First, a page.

The project is designed to generate a robust pipeline of anti-trypanosomatid drugs with product profiles suitable for clinical trials and deployment. It will be conducted by a highly organized Trypanosomatid Drug Development Consortium (TDDC) with extensive and diverse expertise, technical capabilities, facilities, and ongoing studies with these pathogens. The TDDC consortium includes SBRI/University of Washington, UCSF, University of North Carolina at Chapel Hill, and the Eskitis Institute of Griffiths University, each of which has collaborative or consulting ties with various other public and private institutions. The consortium has the essential technologies and equipment, compound and natural product libraries, in vitro and in vivo models, expertise, and project management skills to conduct the project. It will use a milestone based, decision matrix supported, product development approach to: 1) Identify trypanosomatid candidate drug targets by comprehensive literature and informatic analyses and prioritize them for experimental validation and initial assay development. 2) Develop high throughput screens (HTSs) for prioritized targets. The HTSs will use sensitive and specific reporter systems, typically with recombinant proteins, and will be robust, reproducible, and sensitive. 3) Screen selected libraries of synthetic and natural product compounds with these HTSs as well as trypanosomatid cell viability assays. Active compounds in natural product hits will be isolated and their structures determined, and IC50s will be determined for all promising hits. 4) Perform hit-to lead chemistry to provide high-quality lead candidates and iterative lead optimization and SAR analysis using compound analogs. 5) Lead-like compounds will be tested for efficacy and toxicology, ADME, and PK to generate a select set of compounds for clinical analyses. 6) Generate a centralized project and information management system that will be instituted as an information-based interface among the sites and as a community resource. It will facilitate workflow and aid coordination and decision making. The outcome will be a set of targets and chemical entities distributed along the pipeline from target discovery to preclinical validation thus providing a rich ongoing resource of drug candidates for clinical studies.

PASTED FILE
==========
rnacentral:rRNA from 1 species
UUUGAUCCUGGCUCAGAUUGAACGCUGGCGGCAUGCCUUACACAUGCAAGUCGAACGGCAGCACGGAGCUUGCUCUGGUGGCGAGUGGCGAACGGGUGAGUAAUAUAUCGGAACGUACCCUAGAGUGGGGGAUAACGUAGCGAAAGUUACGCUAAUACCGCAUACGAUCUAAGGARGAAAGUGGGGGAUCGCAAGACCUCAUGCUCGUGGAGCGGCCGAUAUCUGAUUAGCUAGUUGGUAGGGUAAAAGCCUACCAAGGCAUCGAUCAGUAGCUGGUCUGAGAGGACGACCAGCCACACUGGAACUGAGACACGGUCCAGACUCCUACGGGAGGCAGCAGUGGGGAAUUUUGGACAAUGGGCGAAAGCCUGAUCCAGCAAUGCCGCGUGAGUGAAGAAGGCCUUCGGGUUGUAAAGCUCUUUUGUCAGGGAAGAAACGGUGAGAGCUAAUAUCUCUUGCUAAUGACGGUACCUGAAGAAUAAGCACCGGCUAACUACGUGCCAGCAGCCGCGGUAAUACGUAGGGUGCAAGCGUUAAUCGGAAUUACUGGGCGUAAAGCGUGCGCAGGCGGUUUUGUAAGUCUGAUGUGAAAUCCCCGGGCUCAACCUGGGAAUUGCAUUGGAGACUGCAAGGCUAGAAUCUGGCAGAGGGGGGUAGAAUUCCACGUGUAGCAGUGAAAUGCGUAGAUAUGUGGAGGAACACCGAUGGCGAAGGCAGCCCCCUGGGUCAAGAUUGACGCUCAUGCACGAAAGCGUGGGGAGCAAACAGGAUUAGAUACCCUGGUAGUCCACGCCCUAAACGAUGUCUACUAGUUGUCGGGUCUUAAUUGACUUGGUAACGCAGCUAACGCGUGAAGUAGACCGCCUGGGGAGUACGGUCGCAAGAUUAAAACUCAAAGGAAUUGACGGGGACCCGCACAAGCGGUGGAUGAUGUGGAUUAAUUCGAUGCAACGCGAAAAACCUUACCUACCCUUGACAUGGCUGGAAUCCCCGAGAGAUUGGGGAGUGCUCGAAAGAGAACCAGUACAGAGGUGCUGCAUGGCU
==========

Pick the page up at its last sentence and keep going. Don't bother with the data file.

National Institute of Health (NIH)
National Institute of Allergy and Infectious Diseases (NIAID)
Research Project--Cooperative Agreements (U01)
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Study Section
Special Emphasis Panel (ZAI1-TP-M (M1))
Program Officer
Rogers, Martin J
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Seattle Biomedical Research Institute
United States
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